A documentary about fraud and fakery.
A documentary about fraud and fakery.
The silver screen. The projector lights up and we tune in. Visuals, sound, and collective communion flow out of the screen like an intense heat wave. These images, these feelings, these ideas; how real are they really? The cinema has always been praised for its spectacular bursts of originality and imagination, carrying the worries, pains, and troubles of the audience away into a clouded fog, a fog that vanishes simultaneously along with the remembrance of reality.
However, what if the fog itself is an illusion, crumbling the very fabric of the cinema into a dusty whiff of salty popcorn? Orson Welles' F for Fake doesn't just tear the concept of deception to shreds, but it also assembles a new form;…
Well. Uh... This was a documentary.
My brain is fucked
I think maybe we – collectively, as a species – need to come to terms with the idea that Orson Welles was the best person ever.
He speaks with import but without arrogance. He's brilliant, he KNOWS he's brilliant, but he behaves as though you're on the same page. He gives you that credit, and not to embarrass you. He's the antithesis of pretension. "I began at the top, and I've been working my way down ever since," he says in this, his final film. That's still a mighty high bar.
F for Fake is the most unconventional and fascinating documentaries I've ever seen. Orson Welles uses a fractured narrative combined with dazzling illusions and intricate interviews to weave a complex tale of blurring the lines. Magic, forgery, fraud, everything false is covered and dissected in this short but very real documentary. Welles utilizes certain stories of historical figures to help blur reality into his story as well, providing an edifying history lesson that is equally entertaining. A dizzying carnival fun house of trickery and documentary.
A documentary exploring the facets of forgery and deception, F for Fake takes the themes it attempts to convey and builds the entire film around it, everything from even the style to the presentation.
Though this unique interpretation of the subject matter makes for a film that's entertaining and filled with a strong tangible vision that's nothing unbecoming from the mind that brought Citizen Kane to the world, it's undeniably pretentious.
Welles's presence in the film is far too substantial for a documentary that isn't quite meant to be personal. The constant anecdotes detailing the themes of the film really do come across as overtly ostentatious and not at all insightful. The film's infamous ending also comes across as utterly…
One of the most unorganized and simultaneously best films I’ve ever seen
“Our works in stone, in paint, in print, are spared, some of them for a few decades or a millennium or two, but everything must finally fall in war or wear away into the ultimate and universal ash. The triumphs and the frauds, the treasures and the fakes. A fact of life. We’re going to die. ‘Be of good heart,’ cry the dead artists out of the living past. Our songs will all be silenced — but what of it? Go on singing. Maybe a man’s name doesn’t matter all that much.”
A spellbinding blending of documentary and essay. So fascinating and satisfying to see Welles dabble with the avant-garde. I think the subject matter could have been explored even deeper, but movie's inability to conform to what you expect is almost entirely the point. Welles' voiceover delivery is particularly great.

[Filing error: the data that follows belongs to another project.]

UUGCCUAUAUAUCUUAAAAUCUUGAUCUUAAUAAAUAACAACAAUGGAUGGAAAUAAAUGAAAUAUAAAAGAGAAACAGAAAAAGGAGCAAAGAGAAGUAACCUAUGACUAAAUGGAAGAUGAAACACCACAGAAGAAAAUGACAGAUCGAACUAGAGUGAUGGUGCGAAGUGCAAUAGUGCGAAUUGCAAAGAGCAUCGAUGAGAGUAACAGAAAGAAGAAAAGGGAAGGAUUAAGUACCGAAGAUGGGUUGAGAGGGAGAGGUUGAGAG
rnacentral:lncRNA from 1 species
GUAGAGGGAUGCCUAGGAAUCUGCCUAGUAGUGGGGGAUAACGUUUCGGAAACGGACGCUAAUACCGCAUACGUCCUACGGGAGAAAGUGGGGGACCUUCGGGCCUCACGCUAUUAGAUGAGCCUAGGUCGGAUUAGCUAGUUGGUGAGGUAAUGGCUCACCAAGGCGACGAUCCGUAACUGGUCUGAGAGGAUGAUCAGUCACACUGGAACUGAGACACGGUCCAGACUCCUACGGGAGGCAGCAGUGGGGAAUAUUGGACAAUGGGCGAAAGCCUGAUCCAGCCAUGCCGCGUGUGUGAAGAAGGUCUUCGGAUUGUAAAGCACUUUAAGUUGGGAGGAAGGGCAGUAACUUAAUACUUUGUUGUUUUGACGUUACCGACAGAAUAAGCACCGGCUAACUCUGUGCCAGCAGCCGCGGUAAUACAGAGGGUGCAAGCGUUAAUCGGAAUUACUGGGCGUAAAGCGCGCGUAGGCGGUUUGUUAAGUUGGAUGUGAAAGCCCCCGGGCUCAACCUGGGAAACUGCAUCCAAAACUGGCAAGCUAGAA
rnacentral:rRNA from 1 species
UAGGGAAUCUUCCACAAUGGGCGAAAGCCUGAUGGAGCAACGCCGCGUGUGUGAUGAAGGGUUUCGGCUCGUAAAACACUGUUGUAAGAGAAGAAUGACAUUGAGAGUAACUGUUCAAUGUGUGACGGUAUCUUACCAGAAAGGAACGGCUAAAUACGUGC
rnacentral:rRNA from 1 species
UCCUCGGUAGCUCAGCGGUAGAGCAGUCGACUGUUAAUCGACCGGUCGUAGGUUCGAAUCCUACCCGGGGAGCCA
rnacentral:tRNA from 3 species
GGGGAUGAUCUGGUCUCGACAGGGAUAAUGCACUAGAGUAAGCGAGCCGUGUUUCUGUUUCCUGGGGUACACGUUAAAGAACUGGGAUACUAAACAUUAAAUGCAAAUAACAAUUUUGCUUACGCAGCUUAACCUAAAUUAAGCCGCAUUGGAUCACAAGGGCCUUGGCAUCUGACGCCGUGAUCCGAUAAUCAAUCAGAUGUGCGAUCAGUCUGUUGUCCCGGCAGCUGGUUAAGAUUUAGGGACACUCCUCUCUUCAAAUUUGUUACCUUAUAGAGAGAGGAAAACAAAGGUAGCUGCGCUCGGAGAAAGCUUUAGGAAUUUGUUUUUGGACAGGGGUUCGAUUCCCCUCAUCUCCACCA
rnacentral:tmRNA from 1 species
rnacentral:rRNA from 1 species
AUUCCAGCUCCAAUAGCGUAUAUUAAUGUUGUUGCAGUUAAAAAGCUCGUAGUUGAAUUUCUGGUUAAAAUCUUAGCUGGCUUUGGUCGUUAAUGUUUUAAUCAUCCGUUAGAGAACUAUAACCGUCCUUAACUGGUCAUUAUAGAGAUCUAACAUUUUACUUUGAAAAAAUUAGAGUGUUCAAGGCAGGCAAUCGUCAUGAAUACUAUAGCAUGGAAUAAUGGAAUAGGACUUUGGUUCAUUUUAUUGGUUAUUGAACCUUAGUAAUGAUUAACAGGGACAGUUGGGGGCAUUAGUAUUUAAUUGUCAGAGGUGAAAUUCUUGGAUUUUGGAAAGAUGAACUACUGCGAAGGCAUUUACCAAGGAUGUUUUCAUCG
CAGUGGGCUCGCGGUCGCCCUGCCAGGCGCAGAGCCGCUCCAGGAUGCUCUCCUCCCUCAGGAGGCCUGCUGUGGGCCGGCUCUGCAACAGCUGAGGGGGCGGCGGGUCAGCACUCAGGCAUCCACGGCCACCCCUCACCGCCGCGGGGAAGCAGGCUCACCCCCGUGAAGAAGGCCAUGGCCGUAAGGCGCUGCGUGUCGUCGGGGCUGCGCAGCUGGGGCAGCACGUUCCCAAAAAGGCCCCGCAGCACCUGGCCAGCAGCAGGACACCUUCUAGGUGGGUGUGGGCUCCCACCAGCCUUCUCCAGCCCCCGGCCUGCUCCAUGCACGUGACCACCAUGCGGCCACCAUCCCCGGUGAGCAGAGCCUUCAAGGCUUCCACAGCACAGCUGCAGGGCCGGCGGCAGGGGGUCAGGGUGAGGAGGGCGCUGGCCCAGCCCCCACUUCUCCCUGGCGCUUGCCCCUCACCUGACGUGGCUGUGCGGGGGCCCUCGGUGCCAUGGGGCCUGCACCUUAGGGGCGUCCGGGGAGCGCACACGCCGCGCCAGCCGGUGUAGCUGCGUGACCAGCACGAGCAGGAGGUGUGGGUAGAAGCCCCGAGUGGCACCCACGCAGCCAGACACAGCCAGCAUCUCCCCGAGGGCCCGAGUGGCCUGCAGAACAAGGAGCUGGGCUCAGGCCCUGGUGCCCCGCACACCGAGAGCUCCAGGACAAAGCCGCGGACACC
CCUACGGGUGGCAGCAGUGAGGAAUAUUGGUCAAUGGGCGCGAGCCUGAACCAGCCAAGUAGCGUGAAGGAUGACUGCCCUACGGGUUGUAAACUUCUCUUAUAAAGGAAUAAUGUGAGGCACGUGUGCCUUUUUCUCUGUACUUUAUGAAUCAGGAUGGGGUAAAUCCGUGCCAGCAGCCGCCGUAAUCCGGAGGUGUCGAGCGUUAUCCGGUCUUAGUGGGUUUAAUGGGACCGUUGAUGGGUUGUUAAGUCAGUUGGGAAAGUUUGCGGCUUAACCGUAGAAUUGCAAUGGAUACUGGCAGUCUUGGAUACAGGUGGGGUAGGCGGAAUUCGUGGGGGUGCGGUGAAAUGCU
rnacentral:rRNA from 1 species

I usually avoid any film thats main subject is "the art world is bullshit" because I'm just some kid in suburbia who's never tried to remotely judge a painting or sculpture much less have a conversation about it on a broad level. This is also why I didn't see The Square in the short amount of time that played near me.
However, F for Fake isn't just that simple message. Welles wanted to create a free form documentary about if nothing else 'faking it until you make it' and for its short run time, you're able to create a new perspective on the world in general, and not just in an art sense.
I wont pretend to throw out anything too deep on its subject matter overall, but it's definitely a unique take that's worth the watch.
Also Welles gives an incredible monologue on what lasts longer, the artist or the art. It's worth it for that alone.
When Daddy Welles questions the concept of what art is 💦😫🙌😵👄🍆
One of the smartest piece of cinema and possibly the best editing ever, everything is arranged and mixed up so smartly that you never quite know if Orson Welles is messing with your mind or not, and this not only during 17 minutes when he actually did, but you get this impression during the entire documentary.
Despite the very elaborate editing everything just remain very smooth and so coherent, quite an achievement.
Talk about a mindfuck. I don’t even know how to categorize F for Fake, Orson Welles’ bizarre, indulgent, tricky, nearly incomprehensible documentary about forgery in art. There are big questions here, about what it is to truly be an artist, and Welles is unafraid to accuse himself of false artistry, but mostly he uses one famous forger as a frame of reference: Elmyr de Hory, whose works adorn great museums despite the fact that they are, as the title implies, fakes. Using hyperactive editing uncommon for the 1970s, Welles combines his interviews with de Hory, author (and liar) Clifford Irving, and others to craft a kind of nonstop montage of contradictions, hypocrisy, and lies. But, then, is Welles lying? Is…
I'm making a fake video essay on a real video essay and going to dissect it like a professor would dissect an essay. A charlatan like Orson Welles deserves the damn Nobel Prize for Literature... He'd credit de Hory in his acceptance speech.
But that mustn't be the real Orson Welles? Can it be? He's been dead for over thirty years! But his speech was so good...
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